November 14, 2007
Doylestown, PA – In a case of unchecked government outsourcing, the Doylestown law firm of Cooley & Handy, together with the Philadelphia firm of Feldman Shepherd Wohlgelernter Tanner & Weinstock, this week filed a class action suit against a group of income tax software companies that are part of a cartel known as the Free File Alliance LLC. The suit, brought by Philadelphia resident Stacie Byers, alleges that cartel members such as H&R Block and Intuit Inc. unlawfully charged millions of U.S. taxpayers excessive e-filing fees. Damages are estimated in the billions of dollars.
October 5, 2007
By: Christina Kristofic
A Bucks County woman who was sexually assaulted during a massage at Essentials Salon and Day Spa in Doylestown has brought a civil suit against the spa’s owners and the former employee who assaulted her. The suit, filed by Doylestown attorney Kevin Handy, claims the woman has “experienced severe physical and emotional pain, suffering humiliation and embarrassment” as a result of the assault and asks for at least $50,000 in damages. The woman, whose identity is being withheld by The Intelligencer, got a full- body massage Oct. 28, 2005, from Gary Nabedrik. She had one previous massage from Nabedrik, which she told police was uneventful. During the Oct. 28 massage, Nabedrik fondled the woman. The victim told the police she felt uneasy and, when the touching became more aggressive, was unable to move or say anything. Ultimately, she told him to stop and covered herself with a sheet and Nabedrik left the massage room. Doylestown police filed criminal charges of aggravated indecent assault and indecent assault, to which Nabedrik pleaded guilty. Nabedrik, 41, of Warminster, was sentenced to seven years of probation and required to participate in a sex offender treatment program. He is prohibited from having contact with the woman.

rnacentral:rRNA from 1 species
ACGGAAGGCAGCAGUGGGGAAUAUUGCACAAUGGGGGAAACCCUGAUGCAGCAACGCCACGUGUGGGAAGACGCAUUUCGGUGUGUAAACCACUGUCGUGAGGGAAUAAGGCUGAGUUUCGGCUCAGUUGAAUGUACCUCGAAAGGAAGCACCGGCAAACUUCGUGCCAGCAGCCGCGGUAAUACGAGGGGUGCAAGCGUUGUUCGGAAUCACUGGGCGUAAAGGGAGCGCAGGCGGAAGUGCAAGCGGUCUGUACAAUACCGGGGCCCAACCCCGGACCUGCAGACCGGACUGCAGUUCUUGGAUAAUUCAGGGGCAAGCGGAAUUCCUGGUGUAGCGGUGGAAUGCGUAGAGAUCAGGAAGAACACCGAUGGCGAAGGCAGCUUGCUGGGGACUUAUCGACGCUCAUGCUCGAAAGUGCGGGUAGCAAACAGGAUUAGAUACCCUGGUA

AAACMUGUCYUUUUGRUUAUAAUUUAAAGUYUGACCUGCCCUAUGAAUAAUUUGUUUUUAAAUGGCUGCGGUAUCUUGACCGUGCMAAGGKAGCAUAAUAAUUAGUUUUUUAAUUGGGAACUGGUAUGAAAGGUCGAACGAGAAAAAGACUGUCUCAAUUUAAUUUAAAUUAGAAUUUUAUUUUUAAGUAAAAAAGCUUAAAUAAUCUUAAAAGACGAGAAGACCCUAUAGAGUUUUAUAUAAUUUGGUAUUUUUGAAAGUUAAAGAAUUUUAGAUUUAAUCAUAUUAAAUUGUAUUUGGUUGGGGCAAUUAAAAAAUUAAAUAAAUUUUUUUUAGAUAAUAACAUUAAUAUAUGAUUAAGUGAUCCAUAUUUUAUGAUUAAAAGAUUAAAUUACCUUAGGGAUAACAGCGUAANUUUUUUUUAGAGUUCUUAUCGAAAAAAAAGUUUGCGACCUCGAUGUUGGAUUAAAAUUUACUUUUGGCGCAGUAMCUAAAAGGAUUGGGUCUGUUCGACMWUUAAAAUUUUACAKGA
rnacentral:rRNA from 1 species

November 15, 2007
Doylestown, PA - The Doylestown law firm Cooley & Handy has filed a class-action lawsuit against major players in the tax software industry- Intuit Inc., H&R Block and Free File Alliance- seeking billions of dollars in damages. Cooley & Handy filed this suit Monday in the U.S. District Court jointly with the Philadelphia law firm Feldman, Shepherd, Wohlgelernter, Tanner & Weinstock. The suit claims the tax software makers charged users illegal fees to electronically file their federal tax returns with the IRS. They were able to do it because they had formed a “cartel” that forced the IRS into an agreement in which it promised not to create similar software, the suit alleges.